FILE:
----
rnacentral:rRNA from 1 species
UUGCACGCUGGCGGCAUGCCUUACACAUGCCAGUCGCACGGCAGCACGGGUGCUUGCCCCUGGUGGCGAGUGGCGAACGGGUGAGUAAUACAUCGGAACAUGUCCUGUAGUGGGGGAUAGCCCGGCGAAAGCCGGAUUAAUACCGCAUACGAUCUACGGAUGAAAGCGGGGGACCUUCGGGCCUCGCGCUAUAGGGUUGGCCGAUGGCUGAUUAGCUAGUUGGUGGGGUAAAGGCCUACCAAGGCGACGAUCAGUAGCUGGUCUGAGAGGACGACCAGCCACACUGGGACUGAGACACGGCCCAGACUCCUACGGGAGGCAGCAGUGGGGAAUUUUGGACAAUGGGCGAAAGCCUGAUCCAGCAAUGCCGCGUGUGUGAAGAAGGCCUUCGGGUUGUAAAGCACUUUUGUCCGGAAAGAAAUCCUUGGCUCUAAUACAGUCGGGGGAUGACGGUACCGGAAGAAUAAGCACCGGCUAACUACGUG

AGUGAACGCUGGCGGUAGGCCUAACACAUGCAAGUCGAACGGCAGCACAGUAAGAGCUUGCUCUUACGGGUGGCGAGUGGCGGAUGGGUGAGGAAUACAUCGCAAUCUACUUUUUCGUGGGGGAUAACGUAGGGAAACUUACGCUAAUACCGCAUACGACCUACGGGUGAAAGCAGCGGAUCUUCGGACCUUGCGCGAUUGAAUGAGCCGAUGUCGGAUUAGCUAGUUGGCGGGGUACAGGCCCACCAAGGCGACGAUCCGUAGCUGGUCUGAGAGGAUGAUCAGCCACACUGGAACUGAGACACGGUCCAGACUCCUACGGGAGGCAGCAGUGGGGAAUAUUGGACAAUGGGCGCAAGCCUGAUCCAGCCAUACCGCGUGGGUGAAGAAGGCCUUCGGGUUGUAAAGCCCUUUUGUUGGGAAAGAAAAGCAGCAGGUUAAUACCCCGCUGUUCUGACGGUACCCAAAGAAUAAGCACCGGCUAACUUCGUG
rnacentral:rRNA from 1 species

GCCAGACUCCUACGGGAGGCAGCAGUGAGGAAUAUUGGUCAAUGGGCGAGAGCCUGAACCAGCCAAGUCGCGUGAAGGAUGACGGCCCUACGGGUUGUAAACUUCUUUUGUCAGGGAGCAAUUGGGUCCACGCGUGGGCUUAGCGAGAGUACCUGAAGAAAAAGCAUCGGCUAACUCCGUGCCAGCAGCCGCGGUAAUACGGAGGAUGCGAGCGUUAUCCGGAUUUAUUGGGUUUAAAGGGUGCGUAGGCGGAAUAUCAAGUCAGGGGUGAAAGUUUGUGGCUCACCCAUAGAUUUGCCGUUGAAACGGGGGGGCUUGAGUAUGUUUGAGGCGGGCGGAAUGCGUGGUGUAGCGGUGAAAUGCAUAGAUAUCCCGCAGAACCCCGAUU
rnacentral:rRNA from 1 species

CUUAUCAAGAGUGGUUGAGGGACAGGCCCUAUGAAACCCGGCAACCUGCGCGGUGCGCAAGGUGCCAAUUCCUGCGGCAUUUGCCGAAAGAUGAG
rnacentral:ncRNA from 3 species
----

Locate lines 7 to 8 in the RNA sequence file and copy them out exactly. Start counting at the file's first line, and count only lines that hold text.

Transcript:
CUUAUCAAGAGUGGUUGAGGGACAGGCCCUAUGAAACCCGGCAACCUGCGCGGUGCGCAAGGUGCCAAUUCCUGCGGCAUUUGCCGAAAGAUGAG
rnacentral:ncRNA from 3 species